Theo Parrish dancing to his own beat at Barbican

House is synonymous with dance. The natural successor to disco and the co-conspirator of techno, the genre is intended to obey a time-honoured impulse in African-American culture – ‘you gotta get up to get down’ – instead of observing the more detached stance of the ‘head nod’, or indeed ‘the profile’ that is largely prevalent in hip-hop.

Interviewed by Josey Rebelle for Time Out prior to this gig, Theo Parrish, a Detroit artist whose Sound Signature catalogue has made him a seminal name in house, made this important point. “People don't know how to dance anymore.” If that was a blunt denunciation of a certain self-consciousness if not confected uber-cool that effectively restricts people from really feeling house music then Parrish addressed the malaise within moments of leading a stellar ensemble – Amp Fiddler [keys], Duminie De Porres [guitar], Akwasi Mensah [bass], Myele Manzanza [drums] – on stage for this sold-out performance. He told assembled fans that his ultimate goal was unity. To that end they had to see their seats as springboards rather than cushions.

A few songs later the crowd duly complied, but it was more than just the beauty of the music that prompted the response to Parrish’s call. His master stroke was to include in his ensemble four brilliant dancers who essentially acted as additional band members, capturing the kinesis of the beat and throwing it back to the audience by way of choreography that blended a sharp pop ‘n’ lock thrust with the looser, more fluid upswing of jazz dance. Just a week before this gig bassist Mensah had performed The Dynamics Of Perception, a brilliant live soundtrack at the Purcell room that also built a bridge between music and dance on film, and this gig seemed to be an uncanny and logical extension of that premise. It was fascinating to see how much the dancers completely led the audience, raising its energy levels time and again with a virtuosic step just as the climax of a piano improvisation can draw a sharp intake of breath from any truly attentive listener.  

Dancer as soloist may have implied jazz, but Parish’s arrangements and musical sensibilities made an entirely explicit application thereof. Any number of songs, particularly ‘Top Of The World’, ‘Chemistry’ and ‘Solitary Flight’, had the kind of harmonic framework of the hallowed 1970s fusion lexicon a la Herbie-Lonnie-Ubiquity, perhaps more pared down to up the rhythmic charge, all the while leaving ample pace for the likes of Fiddler, De Porres and Manzanza to fully extemporize. Particularly impressive was the way that the latter wove fine patchworks of syncopation around the primal 4/4 kick drum pulse, displaying a lightness of touch on the sticks and tympani mallets that brought additional layers to the percussive base of the music. Parrish himself played slinky keys and a sexily squelched-out moog bass, making the point that many progressive producers – think 4-Hero, I.G Culture, Stacey Pullen to name a few – are musicians as well as soundscapers, and that their formative references place Quincy Jones alongside Larry Heard.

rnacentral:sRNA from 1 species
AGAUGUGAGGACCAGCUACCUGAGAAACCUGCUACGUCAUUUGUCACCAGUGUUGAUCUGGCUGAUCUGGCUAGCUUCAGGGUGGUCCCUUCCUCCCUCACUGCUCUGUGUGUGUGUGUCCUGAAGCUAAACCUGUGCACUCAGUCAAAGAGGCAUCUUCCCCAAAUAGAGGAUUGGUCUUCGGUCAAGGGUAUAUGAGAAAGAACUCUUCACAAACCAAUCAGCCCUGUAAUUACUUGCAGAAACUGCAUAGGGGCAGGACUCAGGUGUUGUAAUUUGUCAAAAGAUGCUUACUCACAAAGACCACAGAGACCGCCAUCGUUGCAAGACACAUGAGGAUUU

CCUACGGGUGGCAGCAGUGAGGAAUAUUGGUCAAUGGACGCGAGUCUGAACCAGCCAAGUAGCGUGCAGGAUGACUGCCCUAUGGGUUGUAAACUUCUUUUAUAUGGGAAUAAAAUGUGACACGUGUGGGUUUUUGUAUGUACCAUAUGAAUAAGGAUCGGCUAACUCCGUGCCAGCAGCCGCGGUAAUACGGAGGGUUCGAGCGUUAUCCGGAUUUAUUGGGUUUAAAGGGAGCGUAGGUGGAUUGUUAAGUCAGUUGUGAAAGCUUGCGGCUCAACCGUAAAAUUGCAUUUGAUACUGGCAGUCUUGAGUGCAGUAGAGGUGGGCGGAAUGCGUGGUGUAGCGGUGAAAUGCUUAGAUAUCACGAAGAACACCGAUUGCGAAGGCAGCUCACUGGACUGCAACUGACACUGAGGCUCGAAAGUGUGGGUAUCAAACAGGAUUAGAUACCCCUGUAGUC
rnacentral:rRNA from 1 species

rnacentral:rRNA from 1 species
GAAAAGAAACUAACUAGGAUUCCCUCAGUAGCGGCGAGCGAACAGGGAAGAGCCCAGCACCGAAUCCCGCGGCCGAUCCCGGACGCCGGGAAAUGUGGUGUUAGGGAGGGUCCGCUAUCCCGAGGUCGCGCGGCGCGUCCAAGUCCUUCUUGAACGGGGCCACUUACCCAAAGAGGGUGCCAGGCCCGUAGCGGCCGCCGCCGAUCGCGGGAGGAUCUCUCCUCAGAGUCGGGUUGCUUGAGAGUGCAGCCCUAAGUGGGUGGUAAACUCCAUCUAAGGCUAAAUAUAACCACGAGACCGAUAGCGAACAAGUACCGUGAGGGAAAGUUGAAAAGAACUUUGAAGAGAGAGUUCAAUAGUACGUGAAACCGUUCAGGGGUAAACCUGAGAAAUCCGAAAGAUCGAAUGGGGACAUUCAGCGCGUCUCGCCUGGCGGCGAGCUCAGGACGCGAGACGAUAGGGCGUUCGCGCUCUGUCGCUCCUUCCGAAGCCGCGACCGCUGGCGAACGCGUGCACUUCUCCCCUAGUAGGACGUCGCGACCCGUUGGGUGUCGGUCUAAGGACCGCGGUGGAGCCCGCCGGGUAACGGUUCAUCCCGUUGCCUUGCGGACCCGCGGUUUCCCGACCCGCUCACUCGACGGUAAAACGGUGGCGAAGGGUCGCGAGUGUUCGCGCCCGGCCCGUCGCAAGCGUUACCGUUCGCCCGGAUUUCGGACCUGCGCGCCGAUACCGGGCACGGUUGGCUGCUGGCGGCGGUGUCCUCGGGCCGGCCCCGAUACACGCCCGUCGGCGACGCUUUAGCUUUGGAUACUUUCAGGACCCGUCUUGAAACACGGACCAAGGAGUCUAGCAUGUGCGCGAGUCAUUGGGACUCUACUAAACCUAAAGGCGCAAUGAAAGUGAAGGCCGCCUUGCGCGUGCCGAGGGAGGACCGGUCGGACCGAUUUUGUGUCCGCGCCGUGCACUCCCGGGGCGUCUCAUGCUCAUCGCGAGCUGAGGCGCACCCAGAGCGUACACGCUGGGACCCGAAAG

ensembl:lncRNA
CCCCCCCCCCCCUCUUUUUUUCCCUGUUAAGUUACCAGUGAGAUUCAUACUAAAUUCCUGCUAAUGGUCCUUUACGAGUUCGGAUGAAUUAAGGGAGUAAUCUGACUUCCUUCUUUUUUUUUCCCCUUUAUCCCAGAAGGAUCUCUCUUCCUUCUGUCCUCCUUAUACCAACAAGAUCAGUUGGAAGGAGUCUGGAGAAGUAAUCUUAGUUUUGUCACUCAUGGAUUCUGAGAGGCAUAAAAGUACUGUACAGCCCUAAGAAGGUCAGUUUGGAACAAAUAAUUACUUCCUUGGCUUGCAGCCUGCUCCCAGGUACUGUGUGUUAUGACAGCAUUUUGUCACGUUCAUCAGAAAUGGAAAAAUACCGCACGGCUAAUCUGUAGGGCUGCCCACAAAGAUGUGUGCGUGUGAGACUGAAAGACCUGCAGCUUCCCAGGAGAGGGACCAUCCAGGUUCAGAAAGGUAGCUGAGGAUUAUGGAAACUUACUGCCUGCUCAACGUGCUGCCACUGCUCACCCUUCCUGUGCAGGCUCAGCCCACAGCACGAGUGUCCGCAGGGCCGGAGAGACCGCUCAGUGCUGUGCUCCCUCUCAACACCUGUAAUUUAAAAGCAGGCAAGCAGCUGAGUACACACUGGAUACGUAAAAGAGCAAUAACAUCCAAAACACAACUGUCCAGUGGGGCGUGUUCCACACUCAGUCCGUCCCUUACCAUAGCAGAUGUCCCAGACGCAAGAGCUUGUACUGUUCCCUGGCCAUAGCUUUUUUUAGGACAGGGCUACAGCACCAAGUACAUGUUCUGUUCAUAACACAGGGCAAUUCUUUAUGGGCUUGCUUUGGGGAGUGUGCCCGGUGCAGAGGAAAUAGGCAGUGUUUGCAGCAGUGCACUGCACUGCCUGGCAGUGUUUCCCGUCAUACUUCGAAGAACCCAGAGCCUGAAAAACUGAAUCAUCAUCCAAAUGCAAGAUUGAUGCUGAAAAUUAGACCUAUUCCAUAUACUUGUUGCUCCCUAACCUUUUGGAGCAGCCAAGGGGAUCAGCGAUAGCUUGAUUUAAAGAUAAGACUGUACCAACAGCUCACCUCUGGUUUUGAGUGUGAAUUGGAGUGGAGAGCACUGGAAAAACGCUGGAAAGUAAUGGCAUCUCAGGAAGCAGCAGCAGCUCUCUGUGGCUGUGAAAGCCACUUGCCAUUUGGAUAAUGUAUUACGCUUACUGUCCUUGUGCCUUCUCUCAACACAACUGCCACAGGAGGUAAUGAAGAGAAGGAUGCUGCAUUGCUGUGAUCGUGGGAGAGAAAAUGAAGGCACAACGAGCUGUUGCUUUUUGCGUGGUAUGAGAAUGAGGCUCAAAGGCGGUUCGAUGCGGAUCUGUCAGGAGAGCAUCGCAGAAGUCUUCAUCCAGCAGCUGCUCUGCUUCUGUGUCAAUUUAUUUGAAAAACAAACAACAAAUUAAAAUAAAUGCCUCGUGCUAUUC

To a great extent, the major clue to the grand cultural sweep of Parrish’s world was the understated quote of Stevie Wonder’s ‘Too High’ that acted as a bed for his opening address to the audience. When one thinks of Wonder’s history – his development of Ray Charles’ soul; his immersion in the worlds of Ellington, Gershwin, the Beatles and John Coltrane; his creation of an advanced electronica and proto-Techno in the ‘70s that is still enormously relevant today – it is clear that the piece could not have been a mo’ better scene-setter.  

Then again the appearance of Parrish’s two vocalists, Ideeyah and Chalin Barton, sealed the Stevie deal insofar as they brought to the table the gospel energy at the epicenter of Parrish’s musical universe, underling the presence of the black church and the essence of congregation that underscore his appearances both as a club DJ and a concert hall bandleader.

If country preachers played no small part in the Civil Rights struggle then guitarist De Porres kept that political gospel connection alive when he recited a list of fallen freedom fighters, from Nat Turner to Fred Hampton, before launching into his most searing wah wah eruption of the night. That said, those with an open mind would have also seen that there was an immense historical dimension to this event. By bringing together jazz musicians, dancers, singers and great songs, Parrish was actually presenting an imaginative update of the heritage of Detroit: a Motown Revue for the millennium. The icing on the cake was the appearance of a British horn section, trumpeter Jay Phelps and tenor saxophonist Ray Carless. Their sweet, soaring brass had an unseated audience walking through the sky. Landmark gig from a monumental artist.     

– Kevin Le Gendre

– Photo by Egle Trezzi


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